Do you love the beauty and majesty of nature? Would you like to be cured of that love? Then to you I prescribe 2011's The Loneliest Planet. Follow a bland, beautiful young woman accompanied by her bland boyfriend as they slowly make their way through the gorgeous Caucasus Mountains. They have a disagreement, stop speaking to each other a bit, then maybe resolve it. End of movie. This lasts for an hour and forty minutes. If the word "torture porn" didn't mean something else, I would be inclined to call this torture porn. It's sort of porn and it's sort of torturous.
The first shot of the film is Nica (Hani Furstenberg) jumping up and down naked to stay warm. She's soaking wet and it's a little while before her boyfriend, Alex (Gael Garcia Bernal), finally brings her some hot water. Bernal gets top billing but it's clearly Furstenberg that director Julia Loktev is really interested in. Really interested in.
After our full frontal meeting with Nica, we gradually learn . . . well, not much. Nica and Alex are engaged to be married and they're in Georgia looking for a guide to take them hiking in the mountains. There are a lot of shots of Nica's head showing her looking at something but not showing us what she's looking at--this has the effect of separating us from her point of view, making her the object rather than the subject. Occasionally the point of view seems to be Alex's but that's rather infrequent, too. The two seem to be specimens we're examining physically from a distance. Not really psychologically at all.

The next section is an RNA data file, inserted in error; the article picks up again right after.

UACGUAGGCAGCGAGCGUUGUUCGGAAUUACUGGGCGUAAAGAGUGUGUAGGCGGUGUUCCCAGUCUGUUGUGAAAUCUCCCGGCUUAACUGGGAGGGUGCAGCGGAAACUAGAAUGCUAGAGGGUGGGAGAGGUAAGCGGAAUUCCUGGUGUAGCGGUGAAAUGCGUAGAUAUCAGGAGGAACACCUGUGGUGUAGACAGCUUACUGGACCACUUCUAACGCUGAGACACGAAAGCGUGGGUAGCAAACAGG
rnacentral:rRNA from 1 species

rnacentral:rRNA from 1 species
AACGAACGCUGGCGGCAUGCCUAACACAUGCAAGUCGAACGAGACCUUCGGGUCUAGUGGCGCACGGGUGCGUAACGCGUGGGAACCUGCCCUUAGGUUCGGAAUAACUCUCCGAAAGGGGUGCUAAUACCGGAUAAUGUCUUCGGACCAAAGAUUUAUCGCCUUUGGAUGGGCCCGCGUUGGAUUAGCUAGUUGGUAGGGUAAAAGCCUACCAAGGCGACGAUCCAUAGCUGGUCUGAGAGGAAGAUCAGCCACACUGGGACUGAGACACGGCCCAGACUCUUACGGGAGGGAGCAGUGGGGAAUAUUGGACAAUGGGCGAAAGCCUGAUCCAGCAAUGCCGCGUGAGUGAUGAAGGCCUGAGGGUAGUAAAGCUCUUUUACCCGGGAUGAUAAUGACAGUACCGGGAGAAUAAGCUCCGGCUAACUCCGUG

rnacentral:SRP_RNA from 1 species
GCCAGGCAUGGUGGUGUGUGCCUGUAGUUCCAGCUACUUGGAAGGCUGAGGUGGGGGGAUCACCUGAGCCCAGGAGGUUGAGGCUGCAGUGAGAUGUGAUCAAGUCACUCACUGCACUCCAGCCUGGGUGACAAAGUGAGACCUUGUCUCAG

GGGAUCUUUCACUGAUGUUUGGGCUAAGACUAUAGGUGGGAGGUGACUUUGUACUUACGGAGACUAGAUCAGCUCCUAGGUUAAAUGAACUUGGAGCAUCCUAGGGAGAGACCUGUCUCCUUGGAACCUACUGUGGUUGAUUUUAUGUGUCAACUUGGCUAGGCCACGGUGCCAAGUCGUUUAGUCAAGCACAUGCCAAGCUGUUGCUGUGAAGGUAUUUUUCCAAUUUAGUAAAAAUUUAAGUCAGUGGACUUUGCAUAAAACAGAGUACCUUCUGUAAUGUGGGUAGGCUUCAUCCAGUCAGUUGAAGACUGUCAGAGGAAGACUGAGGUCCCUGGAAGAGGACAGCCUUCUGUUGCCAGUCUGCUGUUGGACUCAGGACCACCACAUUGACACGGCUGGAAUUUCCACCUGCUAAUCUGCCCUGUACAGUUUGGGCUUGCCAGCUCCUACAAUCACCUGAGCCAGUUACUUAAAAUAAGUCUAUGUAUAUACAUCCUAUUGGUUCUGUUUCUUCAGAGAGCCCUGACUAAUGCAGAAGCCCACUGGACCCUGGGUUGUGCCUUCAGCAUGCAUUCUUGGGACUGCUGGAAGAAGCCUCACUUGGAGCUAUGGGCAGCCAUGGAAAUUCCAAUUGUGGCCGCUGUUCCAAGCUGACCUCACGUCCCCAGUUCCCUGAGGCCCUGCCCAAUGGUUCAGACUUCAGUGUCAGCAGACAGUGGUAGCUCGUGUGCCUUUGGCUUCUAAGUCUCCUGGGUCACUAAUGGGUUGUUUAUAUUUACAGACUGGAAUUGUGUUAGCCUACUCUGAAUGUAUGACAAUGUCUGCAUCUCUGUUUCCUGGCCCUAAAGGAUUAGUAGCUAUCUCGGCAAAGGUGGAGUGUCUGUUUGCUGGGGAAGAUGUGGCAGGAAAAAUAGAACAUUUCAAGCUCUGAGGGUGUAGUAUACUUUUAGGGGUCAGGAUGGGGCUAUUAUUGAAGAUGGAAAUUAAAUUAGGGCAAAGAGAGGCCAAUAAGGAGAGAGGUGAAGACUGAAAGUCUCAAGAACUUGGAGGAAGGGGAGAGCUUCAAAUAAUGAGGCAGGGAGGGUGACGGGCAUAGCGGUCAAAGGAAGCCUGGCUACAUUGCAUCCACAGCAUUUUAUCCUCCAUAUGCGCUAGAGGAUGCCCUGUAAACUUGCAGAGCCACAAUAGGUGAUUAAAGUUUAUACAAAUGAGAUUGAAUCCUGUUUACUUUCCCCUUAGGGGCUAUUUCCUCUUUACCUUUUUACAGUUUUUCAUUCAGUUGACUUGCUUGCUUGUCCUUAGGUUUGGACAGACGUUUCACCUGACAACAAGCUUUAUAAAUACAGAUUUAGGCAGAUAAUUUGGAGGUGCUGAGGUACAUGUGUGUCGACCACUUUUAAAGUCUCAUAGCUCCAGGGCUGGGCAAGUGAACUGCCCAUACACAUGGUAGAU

There's a shot of the back of Nica's head that lasts half a minute. Later we get another shot of the back of her head that seems to be Alex's point of view but as you can see in this shot the back of Alex's head is to the right of hers. This is no-one's point of view, we're just looking at the back of her head for no reason. Well, she has pretty hair. That's at least more reason than we're given in Conan the Barbarian for all that movie's stupid back of the head shots.
Pretty and tedious describes the footage of the couple and their guide, Dota (Bidzina Gujabidze), traversing the mountains. If it weren't for the nudity and swearing, this would make an excellent movie to put on store display televisions to show off hi-def.
They engage in small talk. Alex speaks Spanish and teaches Nica how to conjugate verbs. Dota teaches them how to do a trick knot. Finally a moment comes when we get some characterisation--they run into an old man who points a gun at Alex. Alex reflexively ducks behind Nica.
So Alex is kind of a putz.
The old man decides the two kids are okay and moves on. Instead of inane small talk, Alex, Nica, and Dota now wander through overlong takes saying nothing at all. It's vaguely hinted that Nica is more fond of Dota now because he's more of a protector--he talked the old man into leaving them alone. We learn Dota had a wife and kid and was in the military. Compared to Alex, about whom we've learned nothing, this is pretty great and I completely wanted Nica to go with Dota. But Loktev seems to feel we were invested in Alex for some reason.
There are so many shots in this movie that had me begging, "For gods' sakes just cut already. Stop rolling! Please!" I asked myself many times what I was watching. And my response to myself was, "Rock climbing, Sets. Rock climbing."